PARENT CODE OF CONDUCT
At Asante Soccer Academy our goal is to prepare our players for the future. We do not only teach them how to be better soccer players but also how to be a better person. Education, respect, and accountability are central to our philosophy and these values must be upheld by all players and parents at Asante Soccer Academy. The following code of conduct provides a detailed outline of the academy’s expectations for all parents of players at any level.
The coaches at Asante Soccer Academy are highly qualified. It is their responsibility to give players personalized instruction to help them reach their full potential. As such, it is critical that the coach be the only individual providing feedback and support to the players on the field. This includes motivating and encouraging players as well as providing them with your technical and tactical advice. As a member of the Asante Soccer Academy, you have entrusted the care of your child to the coaches, so to best support the team, the coaches must be free to do their job. Additionally, if a player receives input from too many different places, it can be distracting and overwhelming, which ultimately leads to a decline in their performance.
At Asante Soccer Academy, the primary means of communication between coaches, managers, players, and parents will be through TeamSnap and emails. It is the responsibility of the player and parents to have a functioning email address and active TeamSnap account that is checked regularly. The location, uniform, arrival time, and other necessary details for practices and games will be posted on TeamSnap, so it is essential that the player be familiar with the platform. Any changes or updates to the schedule will also be provided through TeamSnap no later than one week in advance where possible. Players and parents are responsible for checking regularly with the team manager for any updates.
For every program, at the start of every season, the team coach will have a team meeting outlining the team’s plans for the upcoming season. Practices, games, tournaments and fundraising events will be discussed. The coach will also discuss their expectations and review the player code of conduct.
At Asante Soccer Academy, we train student-athletes. Your child’s academic success is critical to their success on the field. In the Player Code of Conduct it is made clear that if the players have not completed their homework prior to the practice, they will not be permitted to train. We ask that you help the academy enforce this rule and help your child maintain a focus on schoolwork, as well as other aspects of their life apart from soccer.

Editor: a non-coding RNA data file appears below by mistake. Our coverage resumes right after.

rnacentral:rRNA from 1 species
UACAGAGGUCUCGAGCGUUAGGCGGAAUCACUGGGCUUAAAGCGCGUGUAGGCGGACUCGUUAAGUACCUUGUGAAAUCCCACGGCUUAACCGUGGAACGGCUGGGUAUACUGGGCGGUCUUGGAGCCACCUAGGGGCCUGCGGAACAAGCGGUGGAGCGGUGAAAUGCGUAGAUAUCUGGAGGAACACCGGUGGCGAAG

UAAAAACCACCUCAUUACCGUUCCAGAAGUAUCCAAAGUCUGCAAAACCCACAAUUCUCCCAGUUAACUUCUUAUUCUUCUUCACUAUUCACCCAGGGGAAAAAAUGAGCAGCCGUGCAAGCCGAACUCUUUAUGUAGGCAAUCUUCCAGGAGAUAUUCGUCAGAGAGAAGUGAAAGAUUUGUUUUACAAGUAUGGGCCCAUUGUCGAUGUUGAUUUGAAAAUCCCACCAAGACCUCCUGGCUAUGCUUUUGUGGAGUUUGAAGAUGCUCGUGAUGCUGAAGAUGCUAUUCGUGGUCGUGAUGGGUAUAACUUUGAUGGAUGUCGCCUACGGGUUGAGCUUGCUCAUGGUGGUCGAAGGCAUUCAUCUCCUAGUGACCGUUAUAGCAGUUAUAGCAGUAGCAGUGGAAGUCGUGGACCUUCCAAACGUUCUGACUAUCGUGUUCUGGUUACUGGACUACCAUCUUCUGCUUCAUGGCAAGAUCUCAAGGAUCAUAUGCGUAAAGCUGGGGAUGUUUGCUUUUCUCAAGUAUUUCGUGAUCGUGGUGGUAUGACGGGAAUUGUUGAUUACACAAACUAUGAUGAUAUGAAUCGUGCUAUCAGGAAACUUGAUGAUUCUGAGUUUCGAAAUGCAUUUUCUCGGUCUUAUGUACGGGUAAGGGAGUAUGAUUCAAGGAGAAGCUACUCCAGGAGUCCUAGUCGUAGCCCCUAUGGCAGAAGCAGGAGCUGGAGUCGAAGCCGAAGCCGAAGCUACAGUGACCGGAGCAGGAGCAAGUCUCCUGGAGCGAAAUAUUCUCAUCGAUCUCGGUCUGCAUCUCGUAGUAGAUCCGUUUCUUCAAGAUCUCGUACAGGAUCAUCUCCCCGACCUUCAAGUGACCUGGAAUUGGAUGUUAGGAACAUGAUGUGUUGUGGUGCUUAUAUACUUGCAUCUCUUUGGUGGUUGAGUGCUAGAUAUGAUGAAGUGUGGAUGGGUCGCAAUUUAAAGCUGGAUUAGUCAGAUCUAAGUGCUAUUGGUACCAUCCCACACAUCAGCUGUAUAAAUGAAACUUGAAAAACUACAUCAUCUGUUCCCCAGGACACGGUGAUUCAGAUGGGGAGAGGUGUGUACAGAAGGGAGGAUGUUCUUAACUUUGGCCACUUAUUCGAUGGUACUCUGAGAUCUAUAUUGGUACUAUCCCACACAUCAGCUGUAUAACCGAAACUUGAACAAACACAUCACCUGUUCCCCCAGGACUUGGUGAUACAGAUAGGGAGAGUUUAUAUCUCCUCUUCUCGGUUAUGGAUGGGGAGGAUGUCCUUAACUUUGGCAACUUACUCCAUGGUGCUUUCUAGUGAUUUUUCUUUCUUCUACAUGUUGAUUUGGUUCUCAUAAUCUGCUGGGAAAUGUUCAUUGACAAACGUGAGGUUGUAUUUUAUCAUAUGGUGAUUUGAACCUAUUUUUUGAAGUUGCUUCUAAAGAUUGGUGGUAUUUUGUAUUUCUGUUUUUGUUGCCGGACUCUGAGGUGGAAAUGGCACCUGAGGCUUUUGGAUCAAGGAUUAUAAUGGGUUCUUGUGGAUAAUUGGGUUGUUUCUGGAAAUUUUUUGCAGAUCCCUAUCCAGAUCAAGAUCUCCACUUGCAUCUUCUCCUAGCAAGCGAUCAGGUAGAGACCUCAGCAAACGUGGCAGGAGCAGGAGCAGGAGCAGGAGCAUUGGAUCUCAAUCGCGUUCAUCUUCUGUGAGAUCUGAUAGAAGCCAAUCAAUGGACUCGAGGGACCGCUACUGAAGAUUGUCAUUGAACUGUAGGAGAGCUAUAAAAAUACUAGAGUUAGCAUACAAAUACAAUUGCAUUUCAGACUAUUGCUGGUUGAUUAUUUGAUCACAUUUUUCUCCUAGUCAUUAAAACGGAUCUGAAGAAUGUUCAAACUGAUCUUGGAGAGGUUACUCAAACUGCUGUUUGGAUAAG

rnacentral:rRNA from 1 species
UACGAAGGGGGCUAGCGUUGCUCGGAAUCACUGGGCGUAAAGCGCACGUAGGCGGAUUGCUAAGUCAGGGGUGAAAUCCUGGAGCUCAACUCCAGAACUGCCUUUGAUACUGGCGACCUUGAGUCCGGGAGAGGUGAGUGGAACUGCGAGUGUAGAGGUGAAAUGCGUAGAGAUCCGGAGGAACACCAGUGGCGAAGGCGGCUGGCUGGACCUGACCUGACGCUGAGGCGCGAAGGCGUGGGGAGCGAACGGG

While your child is on the field, it is not your job, but the coach’s job to motivate them. Offering incentives will distract your child from properly concentrating in practice and game situations. If your child is experiencing difficulties at practice or in games, encourage them to discuss this directly with their coach. By taking responsibility for themselves and their experience on the field, your child takes a big step towards being a successful player. The objective for your child is to claim ownership and responsibility of all aspects of their game – preparation as well as playing the game.
It is essential that you, as parents, understand and display appropriate game behaviour. Be supportive, cheer, and show respectful behaviour towards players, coaches, referees, and other parents. To perform to the best of their abilities, a player needs to focus on the parts of the game that they can control (fitness, positioning, decision making, assertiveness, skill…). If a player’s focus shifts to what they cannot control (condition of the field, referees, weather, opponents…), they will not play to their full potential. As such, we ask of you as parents to remember that your child’s self-esteem and game performance is at stake. If they hear a lot of people telling them what to do, or yelling at the referee, it will divert their attention away from the game.
MEET WITH THE COACH
Please do not discuss issues with the coach immediately before training or come onto the fields during training sessions. If you have concerns that you wish to discuss regarding your child or the program, let the coaches know beforehand to set up an appropriate time to discuss. The coaches welcome these discussions but it is difficult for coaches to have meaningful discussions while they are preparing or conducting a training session or game.